Don't be afraid to declare that a player can have a maximum number of assistants.

In any case I hope this all helps. :)

Silver Crusade

Pathfinder Adventure Path Subscriber

An Example I built:

Spoiler:

Lets use the example of stealthily climbing a frozen mountainside.

When a party travels overland they move only as fast as the slowest PC so in this case 20 ft. Which means that they can move a base 10 ft./round (since there are two move actions in a round). The mountain is 29,030 ft tall, and it is base DC 15 to climb, DC 20 to move at Half-Speed. )

That means each hour the PCs can travel 12,000 ft. (if they Hustle, but each hour they travel beyond the first deals non-lethal damage and causes the PC to become fatigued).

I have 6 PCs, so I rule the following - One PC is leading the Climb (one PC may assist), One PC is leading the Survival (one PC may assist), and One PC is leading the stealth (one PC may assist). This represents two PCs acting as trailbreakers, placing pitons and ropes for the other PCs to follow with, two PCs watching their fellows well-being, keeping up morale and finding shelter when the PCs take breaks between climbs, two PCs keep an eye and ear on their fellows and point out covered locations for the party to climb to. The PCs will make 5 checks (but you don't tell them that). Roll first for Climb (DC 15), roll next for Stealth (opposed vs. flying sentinels), third roll for Survival (DC 20 to cover the whole party).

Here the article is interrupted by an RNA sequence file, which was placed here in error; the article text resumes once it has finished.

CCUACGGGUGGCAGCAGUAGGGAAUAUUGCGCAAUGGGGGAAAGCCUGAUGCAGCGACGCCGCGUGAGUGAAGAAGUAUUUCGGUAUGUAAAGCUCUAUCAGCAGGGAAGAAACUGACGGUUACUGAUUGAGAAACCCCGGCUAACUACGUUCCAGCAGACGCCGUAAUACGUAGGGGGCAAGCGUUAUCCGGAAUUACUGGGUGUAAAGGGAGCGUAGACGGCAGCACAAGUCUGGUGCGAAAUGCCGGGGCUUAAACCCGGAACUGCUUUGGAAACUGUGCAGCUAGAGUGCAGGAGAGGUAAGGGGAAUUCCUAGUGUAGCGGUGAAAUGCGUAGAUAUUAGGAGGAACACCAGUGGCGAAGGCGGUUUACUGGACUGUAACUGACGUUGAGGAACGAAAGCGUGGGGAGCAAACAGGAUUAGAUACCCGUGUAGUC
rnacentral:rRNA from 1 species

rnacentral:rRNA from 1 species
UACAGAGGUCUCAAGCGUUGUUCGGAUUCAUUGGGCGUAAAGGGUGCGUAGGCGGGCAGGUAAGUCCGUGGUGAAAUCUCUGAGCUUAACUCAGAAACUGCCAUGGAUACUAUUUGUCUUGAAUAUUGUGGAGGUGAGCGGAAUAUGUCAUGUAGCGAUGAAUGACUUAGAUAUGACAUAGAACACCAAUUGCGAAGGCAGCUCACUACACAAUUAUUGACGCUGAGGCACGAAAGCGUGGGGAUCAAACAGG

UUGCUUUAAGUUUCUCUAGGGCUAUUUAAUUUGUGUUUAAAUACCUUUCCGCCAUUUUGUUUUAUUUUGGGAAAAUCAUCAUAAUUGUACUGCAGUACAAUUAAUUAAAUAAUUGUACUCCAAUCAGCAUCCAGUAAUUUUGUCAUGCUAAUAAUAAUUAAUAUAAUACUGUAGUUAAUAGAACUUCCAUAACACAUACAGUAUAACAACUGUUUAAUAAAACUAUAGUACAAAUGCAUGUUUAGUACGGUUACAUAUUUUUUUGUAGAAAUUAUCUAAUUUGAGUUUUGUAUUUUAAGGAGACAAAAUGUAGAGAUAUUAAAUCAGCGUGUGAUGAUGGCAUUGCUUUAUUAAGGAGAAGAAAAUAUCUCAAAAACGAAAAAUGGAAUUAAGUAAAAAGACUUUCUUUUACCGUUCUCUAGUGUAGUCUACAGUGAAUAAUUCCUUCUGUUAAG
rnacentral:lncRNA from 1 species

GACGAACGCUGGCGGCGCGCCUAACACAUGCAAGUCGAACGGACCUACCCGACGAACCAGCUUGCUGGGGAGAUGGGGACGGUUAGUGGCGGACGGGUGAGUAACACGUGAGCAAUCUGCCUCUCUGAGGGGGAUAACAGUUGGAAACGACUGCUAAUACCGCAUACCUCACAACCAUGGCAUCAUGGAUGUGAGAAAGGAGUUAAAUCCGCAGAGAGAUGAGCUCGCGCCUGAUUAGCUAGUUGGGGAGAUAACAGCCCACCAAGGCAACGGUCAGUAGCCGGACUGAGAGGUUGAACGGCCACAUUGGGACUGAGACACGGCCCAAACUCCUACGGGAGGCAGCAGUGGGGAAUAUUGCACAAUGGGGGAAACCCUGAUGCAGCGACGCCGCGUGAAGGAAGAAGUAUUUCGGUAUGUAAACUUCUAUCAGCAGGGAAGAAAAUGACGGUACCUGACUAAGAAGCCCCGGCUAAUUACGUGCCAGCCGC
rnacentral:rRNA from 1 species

Failure on the first check halves the speed travelled.
Failure on the second triggers a combat with the sentinels.
Failure on the third check triggers a Fortitude save on 1d6 PCs (DC 15) failure does 1d6 points of Non-Lethal damage.

If the players fail 2 checks before they succeed on 3 then the final failure triggers a greater complication (Crumbling rock face causes PCs to fall down the mountain side forcing them to start again./ Alerted sentinels arrive with reinforcements triggering an APL+3 encounter on a frozen mountainside./ The PCs failed to notice a snowstorm/hailstorm/sleetstorm or avalanche zone.)